The best replacement for bone is bone itself’. This might have been a fun little sound bite delivered in one of the undergraduate lectures in my first year, but it is also the statement that I can safely credit as having sparked my interest in biomaterials.
Then, in my rather inexperienced mind, scientists pretty much knew how the world worked, and if they didn’t, then that would have been because they were solving age-old problems about the universe and how it began, or trying to achieve things beyond what was possible by nature alone. As the years went by, I had the privilege of learning about the theories and choices in design that underpin most modern materials, yet I could not shake the assertion about bone from my mind. What is it about the native healthy tissue in our body that makes it so special? How can we make further progress with finding better replacements?
This interest has been shared by many scientists who came before me. One strategy has been to aim for the regeneration of our ideal, healthy tissues. Of course, when disease or injury strikes this is easier said than done. Research efforts are currently focused on creating structures known as tissue-engineering scaffolds that behave as the original tissue would, while successfully guiding the repair process. So, I too set off five years ago to try to understand how we might be able to mimic tissues synthetically, when our body cannot quite do this itself.
The bulk of my doctoral work has focused on collagen, the main structural protein in our body. I realised very quickly that achieving the best scaffold for a given application was more than an issue of getting the right structure, mechanics or biochemistry to mimic the natural tissue environment. It was about getting them all right, all at once. This was a tricky pursuit, because some of the effects of one process can affect the structure or property of the scaffold at another level. As an example, we can employ a reaction called cross-linking to form chemical bridges that strengthen the whole device. However, this means that we must also be careful not to use up any chemical groups that cells recognise as the cues found in native healthy tissue.
This inherent hierarchical structure and fine-tuned balance of structure and properties is exactly what makes healthy tissues so special, and why the slightest misstep through injury or disease can lead to a breakdown of healthy function. Replicating this intricate structure in the lab is made even more complicated by the fact that we might not even fully understand what drives the underlying fabrication processes or have the best tools to analyse the data we get. So I thought that, as a materials scientist, I would pick apart as many of these structure-property-processing relationships as I could, from the effects on the smallest molecular receptors in collagen, all the way to the shape and size of the sub-millimetre pores created in the scaffolds through ice-templating. I am grateful to have had a chance to journey through collagen scaffolds at various scales of length. To do this, I have immersed myself in ice physics and polymer chemistry, and even dabbled in some cell biology and machine learning along the way.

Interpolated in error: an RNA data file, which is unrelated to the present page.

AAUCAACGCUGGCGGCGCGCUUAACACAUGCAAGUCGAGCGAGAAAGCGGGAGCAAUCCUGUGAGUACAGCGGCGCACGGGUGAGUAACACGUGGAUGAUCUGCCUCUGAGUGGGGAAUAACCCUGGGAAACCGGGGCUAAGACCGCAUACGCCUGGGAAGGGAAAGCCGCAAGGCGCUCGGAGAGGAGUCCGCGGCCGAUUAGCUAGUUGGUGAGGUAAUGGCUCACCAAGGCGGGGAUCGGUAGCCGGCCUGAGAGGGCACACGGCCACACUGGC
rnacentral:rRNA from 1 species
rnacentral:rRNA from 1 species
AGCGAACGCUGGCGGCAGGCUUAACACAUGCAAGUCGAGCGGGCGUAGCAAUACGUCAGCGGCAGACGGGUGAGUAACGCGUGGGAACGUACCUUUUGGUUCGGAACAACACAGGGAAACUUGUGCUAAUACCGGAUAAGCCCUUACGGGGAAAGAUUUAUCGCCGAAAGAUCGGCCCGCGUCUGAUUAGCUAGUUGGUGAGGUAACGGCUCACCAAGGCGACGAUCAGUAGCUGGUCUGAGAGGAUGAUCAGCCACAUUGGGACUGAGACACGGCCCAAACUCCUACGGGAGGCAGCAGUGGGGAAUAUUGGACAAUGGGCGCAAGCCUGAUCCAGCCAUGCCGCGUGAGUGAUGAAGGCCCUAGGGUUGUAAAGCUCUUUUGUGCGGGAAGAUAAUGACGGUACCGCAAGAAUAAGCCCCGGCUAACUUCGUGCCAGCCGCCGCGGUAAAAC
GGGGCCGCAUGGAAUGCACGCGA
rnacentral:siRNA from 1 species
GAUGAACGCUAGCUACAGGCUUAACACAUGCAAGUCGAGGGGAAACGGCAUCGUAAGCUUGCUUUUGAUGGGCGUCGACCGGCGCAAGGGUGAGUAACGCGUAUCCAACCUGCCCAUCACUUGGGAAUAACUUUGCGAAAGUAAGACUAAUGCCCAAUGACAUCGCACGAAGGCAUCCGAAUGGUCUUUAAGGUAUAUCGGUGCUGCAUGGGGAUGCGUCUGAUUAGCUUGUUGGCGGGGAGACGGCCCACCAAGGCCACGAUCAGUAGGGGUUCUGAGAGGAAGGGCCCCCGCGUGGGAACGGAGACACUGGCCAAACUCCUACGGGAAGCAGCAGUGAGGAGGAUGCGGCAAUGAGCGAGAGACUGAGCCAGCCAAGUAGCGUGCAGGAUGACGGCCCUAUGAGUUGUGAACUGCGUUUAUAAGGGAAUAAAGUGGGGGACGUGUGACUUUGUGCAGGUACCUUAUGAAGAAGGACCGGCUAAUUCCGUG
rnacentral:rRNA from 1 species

While regeneration might be the biochemical gold standard, we are far from being able to grow back entire limbs, or restore the mobility and functionality provided by many permanent implants such as prosthetics or pacemakers.
At Emmanuel, my research now focuses on taking everything I have learned by deconstructing the fabrication of collagen-based constructs, just to put it all back together again, this time with the aim of creating something that surpasses what we can do with biological materials in the lab. Our bodies constantly change over time, and the physiological environment is likely to vary even more across different people. I use novel materials and fabrication methods to create implants that can respond dynamically to their environment, all while keeping in mind the fine balance that must be maintained for tissue regeneration. These devices are unlikely to replace permanent implants any time soon, but they can offer greater functionality than the current regenerative scaffolds and be produced using the same scalable technologies we currently use, whilst offering the promise of more personalised healthcare solutions for a wider range of ailments.
Research Fellowships are much sought-after positions as a next step after completing a PhD. We were delighted to welcome Malavika to Emmanuel in October 2020.